Get access to everything we publish when you sign up for Outside+.
Van Garderen (EF Education First) withdrew from the race Friday evening after breaking his left hand in a crash on stage 7, according to a team release.
Van Garderen was caught in a pileup that occurred just a few kilometers into the 230 kilometer stage from Belfort to Chalon-sur-Saône. Van Garderen reportedly hit a traffic island, which caused him to fall heavily on his hand and face. The crash also took down Mike Teunissen of Jumbo-Visma.
The crash was caused by “personal error,” van Garderen said in a release.
“I was looking down at my bike because I saw something caught up in it, like a piece of paper, so I was looking down and I hit a median,” Van Garderen said. “I have no one to blame but myself, and I really hope that no one else got hurt because of me.”
Images of van Garderen after the crash showed abrasions to his face and arms. According to the team, Van Garderen underwent a medical inspection just after the crash, and remounted his bicycle after he was deemed to be OK to continue. He completed the remainder of the stage, but lost contact with the front group in the final five kilometers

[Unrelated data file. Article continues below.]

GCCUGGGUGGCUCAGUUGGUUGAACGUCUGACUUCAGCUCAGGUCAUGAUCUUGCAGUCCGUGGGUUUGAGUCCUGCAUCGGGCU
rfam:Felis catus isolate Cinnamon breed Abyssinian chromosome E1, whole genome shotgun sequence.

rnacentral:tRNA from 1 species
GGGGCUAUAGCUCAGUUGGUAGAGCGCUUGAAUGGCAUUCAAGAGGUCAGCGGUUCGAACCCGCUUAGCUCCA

After the stage van Garderen was treated by team doctors and underwent X-rays. The imagery confirmed that the American had broken a bone in his hand.
In the team release, longtime team doctor Kevin Sprouse said van Garderen had suffered a ‘nondisplaced fracture’ at the base of his thumb.
“After today’s stage, Tejay had his wounds cleaned and bandaged,” Sprouse said. “We then went for an X-ray. In addition to multiple abrasions, it was determined that he has a nondisplaced fracture at the base of his first metacarpal on the left hand. He has been placed in a splint and will not start stage eight.”
The loss removes one of EF Education First’s valuable lieutenants for the high mountains. Van Garderen was riding in support of the team’s two climbers, Mike Woods and Rigoberto Uran. Prior to the race van Garderen had enjoyed a fruitful spring, finishing second place at France’s Critérium du Dauphiné.
“All I’m thinking about now is the disappointment, less for myself and more for the team,” van Garderen said. “Rigo and Woods, they both have a big chance to podium, to win stages, even to win the whole damn Tour. I would have loved to have been a part of that, to contribute to that, but unfortunately, as all cyclists have become accustomed to saying, these things happen.”